The membrane orientation illustrated using TMRPres2D [36
] in Figure shows, using example structures listed in the corresponding figure legend, the membrane orientation >50%. The lowest score for a two-domain case is Zip (58% non-cytosolic insertion), suggesting that this family differs substantially in this respect, and is unusually prone to variability in membrane insertion for a double domain DMT.
Examination of FAE 3-ketoacyl-CoA synthase 1 (PF07168) shows that it is unlikely to be correctly annotated as homologous to enzymes
FAE 3-ketoacyl-CoA synthase 1 is a member of the newly found DUF1632 cluster (Methods). The annotation on the PF07168 is: "This family contains fatty acid elongase 3-ketoacyl-CoA synthase 1, a plant enzyme approximately 350 residues long." In the five seed sequences of PF07168, however, all sequences are found to have the 5+5 TM structure typical of DMT solute carriers, raising doubts if the enzyme annotation in Pfam is correct. A search of "PF07168" in UniProt returns six sequences that have status "reviewed", which are annotated as "ureide permease 1-5", and "ureide permease A3", thus raising further doubts if the enzyme annotation in Pfam is correct.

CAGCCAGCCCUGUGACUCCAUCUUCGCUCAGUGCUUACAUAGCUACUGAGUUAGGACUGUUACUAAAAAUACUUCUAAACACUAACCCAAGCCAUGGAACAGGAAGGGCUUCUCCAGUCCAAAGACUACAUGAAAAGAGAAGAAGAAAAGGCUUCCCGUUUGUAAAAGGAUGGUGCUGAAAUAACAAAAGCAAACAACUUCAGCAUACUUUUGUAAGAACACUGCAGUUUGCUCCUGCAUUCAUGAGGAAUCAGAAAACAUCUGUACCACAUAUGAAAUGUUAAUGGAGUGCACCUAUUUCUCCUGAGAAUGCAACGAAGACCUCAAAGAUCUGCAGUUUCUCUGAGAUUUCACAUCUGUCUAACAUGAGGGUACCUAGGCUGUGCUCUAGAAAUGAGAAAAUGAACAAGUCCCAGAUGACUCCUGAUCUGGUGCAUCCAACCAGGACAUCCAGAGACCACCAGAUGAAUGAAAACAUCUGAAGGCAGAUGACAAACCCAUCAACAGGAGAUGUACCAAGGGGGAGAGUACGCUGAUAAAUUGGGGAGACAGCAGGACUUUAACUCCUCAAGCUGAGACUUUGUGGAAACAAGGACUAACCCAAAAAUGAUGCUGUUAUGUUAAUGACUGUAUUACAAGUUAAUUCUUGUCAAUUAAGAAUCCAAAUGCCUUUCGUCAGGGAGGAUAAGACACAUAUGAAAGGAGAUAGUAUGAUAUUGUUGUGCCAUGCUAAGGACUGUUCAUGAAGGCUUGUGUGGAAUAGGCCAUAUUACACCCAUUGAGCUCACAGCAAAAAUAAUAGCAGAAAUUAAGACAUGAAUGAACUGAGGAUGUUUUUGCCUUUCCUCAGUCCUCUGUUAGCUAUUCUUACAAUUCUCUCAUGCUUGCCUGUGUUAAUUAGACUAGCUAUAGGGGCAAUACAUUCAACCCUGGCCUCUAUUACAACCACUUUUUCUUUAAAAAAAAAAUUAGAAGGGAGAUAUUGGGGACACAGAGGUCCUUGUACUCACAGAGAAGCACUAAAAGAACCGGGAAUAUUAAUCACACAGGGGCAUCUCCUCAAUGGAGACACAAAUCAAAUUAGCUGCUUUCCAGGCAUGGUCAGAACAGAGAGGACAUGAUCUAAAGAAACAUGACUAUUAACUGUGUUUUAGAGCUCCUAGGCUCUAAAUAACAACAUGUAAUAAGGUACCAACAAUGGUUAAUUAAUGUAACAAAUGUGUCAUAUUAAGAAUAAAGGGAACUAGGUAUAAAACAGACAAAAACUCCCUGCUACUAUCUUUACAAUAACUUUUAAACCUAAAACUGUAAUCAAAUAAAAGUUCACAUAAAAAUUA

To compare the alleged FAE 3-ketoacyl-CoA synthase 1 sequences with expert annotated FAEs, the B. napus
ketoacyl-CoA synthase (KCS) sequence [GenBank:AF009563
] and L. annua
KCS sequence [GenBank:EU871787
] were obtained [37
]. These proteins are only attached to the membrane by 2 TMs in the N-terminal fifth of the sequence, thus presenting a completely different TM architecture.
A protein sequence search on the NCBI website, limiting the search field to "title" and "fatty acid elongase 3-ketoacyl-CoA synthase 1", returned 11 hits. The TM structure of these sequences in six cases was the KCS-like structure with N-terminal transmembrane attachment through 2 TMs. In the remaining cases, transmembrane helices could not be reliably predicted, and in one case [GenBank:AAM64564.1], there was a conflicting "ureide permease" annotation. In the next release of Pfam (25.0), the above results will form the basis of re-annotation of PF07168 from fatty acid elongase 3-ketoacyl-CoA synthase 1, to ureide permease (communication with Pfam).
A possible background to the anomalous annotation may be the fact that e.g. SLC35F5 in M. musculus and B. taurus have an extended gap between the first 2 TM segments and the remaining 8 TM segments, meaning that with incomplete sequence data, the overall N-terminal TM structure of SLC35F5 resembles the overall N-terminal TM structure of many plant fatty acid elongases.